We need to match on MICROSOFT SQL:

class-map match-all TASK_73
 match protocol sqlserver

r2(config-if)#policy-map TASK_73
r2(config-pmap)#class TASK_73
r2(config-pmap-c)#shape average 256000
r2(config-pmap-c)#shape ?
  adaptive        Enable Traffic Shaping adaptation to BECN
  average         configure token bucket: CIR (bps) [Bc (bits) [Be (bits)]],
                  send out Bc only per interval
  fecn-adapt      Enable Traffic Shaping reflection of FECN as BECN
  fr-voice-adapt  Enable rate adjustment depending on voice presence
  max-buffers     Set Maximum Buffer Limit
  peak            configure token bucket: CIR (bps) [Bc (bits) [Be (bits)]],
                  send out Bc+Be per interval

shape max-buffers

r2(config-pmap-c)#shape max-buffers 2048

r2(config-pmap-c)#int s0/0/0.1
r2(config-subif)#service-policy output TASK_73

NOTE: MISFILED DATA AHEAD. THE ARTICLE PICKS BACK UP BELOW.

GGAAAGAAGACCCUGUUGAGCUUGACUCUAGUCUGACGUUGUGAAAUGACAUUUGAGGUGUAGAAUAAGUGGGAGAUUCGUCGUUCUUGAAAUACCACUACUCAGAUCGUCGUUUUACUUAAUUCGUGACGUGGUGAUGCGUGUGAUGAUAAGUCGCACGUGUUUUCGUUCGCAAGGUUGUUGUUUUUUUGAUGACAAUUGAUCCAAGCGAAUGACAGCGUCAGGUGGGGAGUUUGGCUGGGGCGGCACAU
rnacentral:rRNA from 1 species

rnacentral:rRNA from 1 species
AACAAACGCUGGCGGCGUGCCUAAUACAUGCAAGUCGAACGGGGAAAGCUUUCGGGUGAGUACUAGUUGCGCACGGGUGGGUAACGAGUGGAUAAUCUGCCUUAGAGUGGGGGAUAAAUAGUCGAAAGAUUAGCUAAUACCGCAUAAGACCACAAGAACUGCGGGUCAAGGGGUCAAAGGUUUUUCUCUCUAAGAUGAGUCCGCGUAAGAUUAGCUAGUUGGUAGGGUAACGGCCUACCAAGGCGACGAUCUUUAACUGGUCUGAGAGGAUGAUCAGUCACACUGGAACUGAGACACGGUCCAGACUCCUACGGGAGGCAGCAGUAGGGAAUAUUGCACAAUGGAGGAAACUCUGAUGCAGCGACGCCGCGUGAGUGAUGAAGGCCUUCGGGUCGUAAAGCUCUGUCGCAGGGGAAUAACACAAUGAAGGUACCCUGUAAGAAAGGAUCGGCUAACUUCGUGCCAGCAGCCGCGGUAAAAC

r2(config-subif)#do sh policy-map int s0/0/0.1

 Serial0/0/0.1

  Service-policy output: TASK_73

    Class-map: TASK_73 (match-all)
      0 packets, 0 bytes
      5 minute offered rate 0 bps, drop rate 0 bps
      Match: protocol sqlserver
      Traffic Shaping
           Target/Average   Byte   Sustain   Excess    Interval  Increment
             Rate           Limit  bits/int  bits/int  (ms)      (bytes)
           256000/256000    1984   7936      7936      31        992

        Adapt  Queue     Packets   Bytes     Packets   Bytes     Shaping
        Active Depth                         Delayed   Delayed   Active
        –      0         0         0         0         0         no

    Class-map: class-default (match-any)
      23 packets, 2598 bytes
      5 minute offered rate 0 bps, drop rate 0 bps
      Match: any

 

January 13, 2008

Internetwork Expert Volume II: Lab 4 – Section 7

 QoS – 7 Points

7.1 Congestion Avoidance

“…configure r1 to start dropping packets with an IP precedence of routine on this link when there are at least 15 packets in the queue.”

Sounds like WRED to me.

Configuring Weighted Random Early Detection

“routine” traffic is IP Prec 0:

r1(config-cmap)#match ip prec ?
  <0-7>           Enter up to 4 precedence values separated by white-spaces
  critical        Match packets with critical precedence (5)
  flash           Match packets with flash precedence (3)